Fernando Mata (Finance Officer): “We will return to the pre-pandemic dividend, supported by the improved result”
The first quarter numbers are encouraging. The impact of Covid on the insurance industry and, specifically, on MAPFRE’s accounts, has diminished considerably. MAPFRE’s attributable profit in the first six months of this year totaled 364 million euros – a 34.5% increase compared to the same period last year. This trend will allow for recovering pre-pandemic stockholder remuneration, according to a statement yesterday by Fernando Mata, CFO and Member of the Board of MAPFRE. “Our commitment to the shareholders remains firm, and we aim to return to past dividend levels, that is, 14.5 cents a share, provided our profit levels allow,” stated the senior officer during the third virtual meeting with more than 190 registered individual shareholders. He noted that profit, apart from non-recurring income, is expected to surpass 700 million euros.
MAPFRE has been carrying out this exercise in transparency with individual shareholders since 2017, but it has been held online in recent quarters owing to the pandemic. The Group has held more than ten such meetings in the past four years, both online and in person in Madrid and Barcelona. Yesterday, in addition to Mata, Felipe Navarro, Manager of Capital Markets and of Investor Relations and Cash, reported the economic figures of the latest results and José Luis Jiménez, Group Chief Investment Officer of MAPFRE, presented all the investment initiatives with environmental, social and governance (ESG) criteria of MAPFRE AM, the Group’s management company.
In particular, Mata emphasized not only the importance of the financial dividend, but also the Group’s commitment to sustainability. “For us, it is very important to generate both wealth and a social dividend.” Specifically, the insurance company approved its 2019-2021 Sustainability Plan, a road map with more than 30 objectives to advance in ESG. The line of action encompasses areas such as the struggle against climate change, the circular economy, transparency and inclusion, among others. At this time, the Group is working on the 2022-2024 Sustainability Plan, which is based on more demanding work and vision.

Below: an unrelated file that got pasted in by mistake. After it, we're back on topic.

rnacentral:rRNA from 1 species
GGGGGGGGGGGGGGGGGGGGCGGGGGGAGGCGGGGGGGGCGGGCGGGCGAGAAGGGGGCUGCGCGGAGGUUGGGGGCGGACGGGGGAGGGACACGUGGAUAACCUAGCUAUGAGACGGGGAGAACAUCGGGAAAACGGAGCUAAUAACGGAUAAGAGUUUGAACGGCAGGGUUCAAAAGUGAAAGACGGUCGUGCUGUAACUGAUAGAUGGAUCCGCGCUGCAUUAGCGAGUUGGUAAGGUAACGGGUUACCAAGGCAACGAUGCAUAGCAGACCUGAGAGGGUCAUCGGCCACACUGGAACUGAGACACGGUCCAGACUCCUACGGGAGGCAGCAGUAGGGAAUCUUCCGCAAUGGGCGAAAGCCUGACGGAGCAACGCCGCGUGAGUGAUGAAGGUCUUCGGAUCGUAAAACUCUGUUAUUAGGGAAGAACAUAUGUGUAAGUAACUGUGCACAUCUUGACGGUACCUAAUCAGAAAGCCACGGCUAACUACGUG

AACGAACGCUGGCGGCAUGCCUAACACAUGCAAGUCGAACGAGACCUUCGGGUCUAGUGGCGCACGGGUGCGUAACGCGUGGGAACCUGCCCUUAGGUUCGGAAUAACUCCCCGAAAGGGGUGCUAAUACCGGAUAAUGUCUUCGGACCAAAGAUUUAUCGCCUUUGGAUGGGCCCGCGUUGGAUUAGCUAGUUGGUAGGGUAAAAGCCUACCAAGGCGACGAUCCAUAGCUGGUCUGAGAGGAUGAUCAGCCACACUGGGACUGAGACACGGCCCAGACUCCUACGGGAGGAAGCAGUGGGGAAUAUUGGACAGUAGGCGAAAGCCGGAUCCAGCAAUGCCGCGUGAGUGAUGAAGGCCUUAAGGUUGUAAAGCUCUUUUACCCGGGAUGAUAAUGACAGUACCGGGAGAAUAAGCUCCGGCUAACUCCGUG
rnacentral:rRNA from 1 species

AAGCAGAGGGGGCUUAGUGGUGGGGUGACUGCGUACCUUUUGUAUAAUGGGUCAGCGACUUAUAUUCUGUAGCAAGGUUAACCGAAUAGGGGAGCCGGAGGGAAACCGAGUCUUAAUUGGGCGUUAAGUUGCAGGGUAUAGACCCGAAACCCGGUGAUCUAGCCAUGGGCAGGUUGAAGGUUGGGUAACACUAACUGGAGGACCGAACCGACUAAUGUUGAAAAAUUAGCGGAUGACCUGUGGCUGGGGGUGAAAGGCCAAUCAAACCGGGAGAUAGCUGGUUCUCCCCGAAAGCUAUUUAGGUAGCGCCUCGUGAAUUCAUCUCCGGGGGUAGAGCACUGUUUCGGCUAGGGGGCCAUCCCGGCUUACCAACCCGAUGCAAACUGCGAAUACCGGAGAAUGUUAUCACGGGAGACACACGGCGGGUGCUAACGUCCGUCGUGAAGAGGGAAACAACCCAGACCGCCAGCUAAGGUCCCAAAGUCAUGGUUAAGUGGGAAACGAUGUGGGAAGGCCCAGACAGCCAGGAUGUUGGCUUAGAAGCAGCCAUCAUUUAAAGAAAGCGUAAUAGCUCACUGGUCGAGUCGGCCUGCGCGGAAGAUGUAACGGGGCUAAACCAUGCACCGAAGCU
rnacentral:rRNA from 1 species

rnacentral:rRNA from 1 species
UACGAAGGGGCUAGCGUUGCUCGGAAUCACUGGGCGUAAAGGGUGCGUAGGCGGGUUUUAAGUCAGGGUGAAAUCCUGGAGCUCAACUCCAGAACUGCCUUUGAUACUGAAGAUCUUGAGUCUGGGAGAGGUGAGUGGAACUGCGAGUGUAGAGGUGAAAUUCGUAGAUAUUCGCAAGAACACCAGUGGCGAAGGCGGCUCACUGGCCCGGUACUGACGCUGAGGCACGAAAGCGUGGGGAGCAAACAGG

A question-and-answer session was held at the end of the event, and it centered mainly on three issues. First, the state of the exit agreement with CaixaBank following the absorption of Bankia. Mata noted that the independent expert is working on a valuation of the businesses being transferred and “we expect this to be resolved by the end of the year.” At the same time, he highlighted the impact of rising debt yields and of interest rates. In this regard, Jiménez pointed out that, in any event, this shifting trend caused by the gradual ending of monetary policy measures will have a positive impact on the balance sheet. “It is likely that bond yields will see upside movement in the next few quarters. It would not be surprising to see the 10-year Spanish bond at about 2% within the next six to nine months. It is a very positive scenario for insurance companies, and especially for us, when 80% of the balance sheet is exposed to fixed income,” he explained.
In addition, the market value being attributed to MAPFRE’s business was being called into question. “Our net asset value stands at 8.5 billion euros, so our stock market value falls far short of that, despite the gains in our share price this year. Consequently, markets are still not taking account of MAPFRE’s potential and equity position,” Mata concluded.